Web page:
Remington Ilion NY Plant Tour Part 2

    Various Remington 700 Models. These special orders are complete and ready for inspection, packaging and shipping to the customer or police departments.

    Starting where I left off on part one of the Ilion, Ny Remington plant tour let’s move on shotguns and a short tour of the rifle area and what goes into parts making and assembly of these guns.

    One assembly line I saw was very welcome sight and that was the V3 shotgun. The V3 is the newest shotgun Remington has released. V3 Post
    It never ceases to amaze me how quickly an experienced team on the line can put a gun together and test it. Assembly and function test takes right at five minutes tops. The assembly starts with the barrel, sight installation, magazine tube attached to the barrel. This is then mated with the receiver after the second worker attaches the buttstock to the receiver. The magazine tube spring is installed along with the standard parts used in feeding and ejecting rounds such as the trigger group. Finally the action of the semi auto is checked after the shotgun is lubed. A ticket is filled out with the serial number, date and who signed off on it. The shotgun is then placed in a rolling rack. When the rack is full it’s moved to another area where it’s inspected again and then boxed for shipping.

    Types of Loctite used on threads and other parts of the V3

    Types of Loctite used on threads and other parts of the V3

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    Magazine tube

    Magazine tube

    magazine tube. barrel and gas system shown.

    magazine tube. barrel and gas system shown.

    Installing the trigger group

    Installing the trigger group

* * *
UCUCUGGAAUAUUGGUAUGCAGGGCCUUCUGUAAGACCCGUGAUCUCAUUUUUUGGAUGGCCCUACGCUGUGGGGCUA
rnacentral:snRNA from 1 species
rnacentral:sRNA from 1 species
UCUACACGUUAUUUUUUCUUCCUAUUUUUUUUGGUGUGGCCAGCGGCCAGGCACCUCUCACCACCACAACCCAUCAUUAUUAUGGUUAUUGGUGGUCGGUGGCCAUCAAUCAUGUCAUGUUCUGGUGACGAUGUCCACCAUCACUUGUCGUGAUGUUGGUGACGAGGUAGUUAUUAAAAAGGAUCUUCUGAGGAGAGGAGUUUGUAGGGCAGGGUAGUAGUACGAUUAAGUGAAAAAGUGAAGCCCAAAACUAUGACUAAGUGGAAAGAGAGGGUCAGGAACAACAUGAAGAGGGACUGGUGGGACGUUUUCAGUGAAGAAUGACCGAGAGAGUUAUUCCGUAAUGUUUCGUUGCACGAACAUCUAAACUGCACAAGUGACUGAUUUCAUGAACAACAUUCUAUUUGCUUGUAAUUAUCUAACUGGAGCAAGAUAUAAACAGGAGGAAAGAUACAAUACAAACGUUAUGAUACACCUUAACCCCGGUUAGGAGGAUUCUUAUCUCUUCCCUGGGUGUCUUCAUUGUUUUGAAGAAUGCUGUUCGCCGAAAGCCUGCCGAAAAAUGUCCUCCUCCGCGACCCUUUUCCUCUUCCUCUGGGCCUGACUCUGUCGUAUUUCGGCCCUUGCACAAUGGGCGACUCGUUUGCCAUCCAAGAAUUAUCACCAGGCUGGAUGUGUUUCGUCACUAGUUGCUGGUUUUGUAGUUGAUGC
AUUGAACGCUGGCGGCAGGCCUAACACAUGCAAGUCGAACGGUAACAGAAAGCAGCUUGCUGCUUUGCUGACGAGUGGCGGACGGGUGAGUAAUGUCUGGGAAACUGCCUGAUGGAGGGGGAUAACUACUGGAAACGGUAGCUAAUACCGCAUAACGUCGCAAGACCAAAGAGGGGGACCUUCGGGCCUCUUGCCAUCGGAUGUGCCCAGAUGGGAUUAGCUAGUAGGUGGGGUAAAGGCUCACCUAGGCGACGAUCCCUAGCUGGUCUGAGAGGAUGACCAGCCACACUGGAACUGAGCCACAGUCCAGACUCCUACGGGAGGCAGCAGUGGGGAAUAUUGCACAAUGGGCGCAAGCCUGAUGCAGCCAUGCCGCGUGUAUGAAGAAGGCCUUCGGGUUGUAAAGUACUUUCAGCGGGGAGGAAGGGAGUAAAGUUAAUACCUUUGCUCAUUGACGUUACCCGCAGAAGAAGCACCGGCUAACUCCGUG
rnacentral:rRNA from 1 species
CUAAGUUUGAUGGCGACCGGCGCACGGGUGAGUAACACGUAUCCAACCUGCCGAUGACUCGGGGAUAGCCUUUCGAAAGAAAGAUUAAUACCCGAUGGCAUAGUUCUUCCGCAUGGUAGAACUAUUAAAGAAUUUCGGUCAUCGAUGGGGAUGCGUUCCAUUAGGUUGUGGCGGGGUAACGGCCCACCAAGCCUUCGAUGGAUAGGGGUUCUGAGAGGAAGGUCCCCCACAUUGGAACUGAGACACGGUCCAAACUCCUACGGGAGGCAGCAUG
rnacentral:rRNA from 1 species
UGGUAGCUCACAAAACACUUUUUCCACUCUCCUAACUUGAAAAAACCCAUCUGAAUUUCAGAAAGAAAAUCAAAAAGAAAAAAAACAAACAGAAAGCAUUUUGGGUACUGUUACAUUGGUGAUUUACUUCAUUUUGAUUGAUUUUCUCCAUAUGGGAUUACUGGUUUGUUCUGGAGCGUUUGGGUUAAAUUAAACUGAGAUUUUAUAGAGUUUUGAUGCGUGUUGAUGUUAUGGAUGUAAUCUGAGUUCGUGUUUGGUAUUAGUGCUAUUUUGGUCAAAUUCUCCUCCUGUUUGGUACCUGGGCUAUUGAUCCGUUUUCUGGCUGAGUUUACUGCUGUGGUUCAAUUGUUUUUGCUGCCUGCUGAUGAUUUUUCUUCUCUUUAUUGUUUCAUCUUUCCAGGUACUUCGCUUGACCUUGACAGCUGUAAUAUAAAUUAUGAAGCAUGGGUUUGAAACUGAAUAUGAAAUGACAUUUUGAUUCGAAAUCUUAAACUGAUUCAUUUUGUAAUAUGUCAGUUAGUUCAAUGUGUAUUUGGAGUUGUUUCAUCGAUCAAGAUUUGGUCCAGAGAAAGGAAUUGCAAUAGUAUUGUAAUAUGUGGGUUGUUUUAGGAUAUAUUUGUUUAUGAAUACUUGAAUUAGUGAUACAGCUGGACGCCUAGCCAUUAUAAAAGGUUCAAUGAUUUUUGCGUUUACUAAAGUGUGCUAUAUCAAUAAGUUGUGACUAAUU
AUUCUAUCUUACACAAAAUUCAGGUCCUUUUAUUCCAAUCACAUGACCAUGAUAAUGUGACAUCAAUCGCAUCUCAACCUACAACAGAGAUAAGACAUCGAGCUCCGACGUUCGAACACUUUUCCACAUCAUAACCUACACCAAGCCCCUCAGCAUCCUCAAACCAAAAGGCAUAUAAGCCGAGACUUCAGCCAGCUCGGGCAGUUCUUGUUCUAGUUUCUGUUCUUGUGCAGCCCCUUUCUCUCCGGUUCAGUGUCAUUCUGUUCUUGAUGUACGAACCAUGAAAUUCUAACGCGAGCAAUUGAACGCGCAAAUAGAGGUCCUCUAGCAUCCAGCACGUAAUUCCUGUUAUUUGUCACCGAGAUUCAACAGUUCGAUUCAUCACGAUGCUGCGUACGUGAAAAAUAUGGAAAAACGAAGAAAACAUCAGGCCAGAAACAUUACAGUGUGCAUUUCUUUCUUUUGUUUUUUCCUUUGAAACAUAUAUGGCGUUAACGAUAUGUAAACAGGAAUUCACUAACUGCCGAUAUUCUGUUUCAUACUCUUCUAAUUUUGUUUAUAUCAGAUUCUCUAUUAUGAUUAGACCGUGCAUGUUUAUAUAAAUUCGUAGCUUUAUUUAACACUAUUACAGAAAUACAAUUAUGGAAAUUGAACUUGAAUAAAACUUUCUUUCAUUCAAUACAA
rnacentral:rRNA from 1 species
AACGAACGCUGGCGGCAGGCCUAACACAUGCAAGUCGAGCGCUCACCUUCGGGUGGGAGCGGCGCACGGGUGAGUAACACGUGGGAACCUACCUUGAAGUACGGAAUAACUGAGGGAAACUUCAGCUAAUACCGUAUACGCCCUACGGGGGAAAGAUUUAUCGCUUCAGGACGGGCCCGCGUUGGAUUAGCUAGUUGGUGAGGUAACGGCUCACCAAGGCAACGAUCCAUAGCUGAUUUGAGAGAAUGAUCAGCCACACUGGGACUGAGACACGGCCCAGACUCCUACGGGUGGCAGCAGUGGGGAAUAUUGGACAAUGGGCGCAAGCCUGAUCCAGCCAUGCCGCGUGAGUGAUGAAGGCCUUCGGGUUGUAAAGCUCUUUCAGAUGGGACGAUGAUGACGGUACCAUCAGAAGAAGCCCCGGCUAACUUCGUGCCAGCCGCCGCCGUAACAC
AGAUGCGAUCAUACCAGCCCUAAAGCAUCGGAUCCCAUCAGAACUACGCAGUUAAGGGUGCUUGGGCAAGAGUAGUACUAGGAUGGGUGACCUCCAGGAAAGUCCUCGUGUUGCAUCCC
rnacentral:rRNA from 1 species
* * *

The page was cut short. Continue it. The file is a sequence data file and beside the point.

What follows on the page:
Trigger groups waiting for installation

    Trigger groups waiting for installation

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    Completed shotguns in the rack waiting for inspection and packaging.

    Completed shotguns in the rack waiting for inspection and packaging.

    Let’s talk barrels and show the process of creating and finishing them. The photo caption tells the story.Before we get into barrels let’s look at the raw material for an 870 receiver.

    Blocks of raw material for shotgun receivers. One raw block shown next to a partially completed receiver. Each raw block weighs over 20 pounds.

    Blocks of raw material for shotgun receivers. One raw block shown next to a partially completed receiver. Each raw block weighs over 20 pounds.

    Finishes

    Finishes

    Boring the shotgun barrel gauge and shaping the external dimensions.

    Boring the shotgun barrel gauge and shaping the external dimensions.

    Same machine from a different angle and stage of completion.

    Same machine from a different angle and stage of completion.

    After sizing and buffing the internal part of the barrel

    After sizing and buffing the internal part of the barrel

    An older welder that spot welds and attaches the rib to the shotgun barrel

    An older welder that spot welds and attaches the rib to the shotgun barrel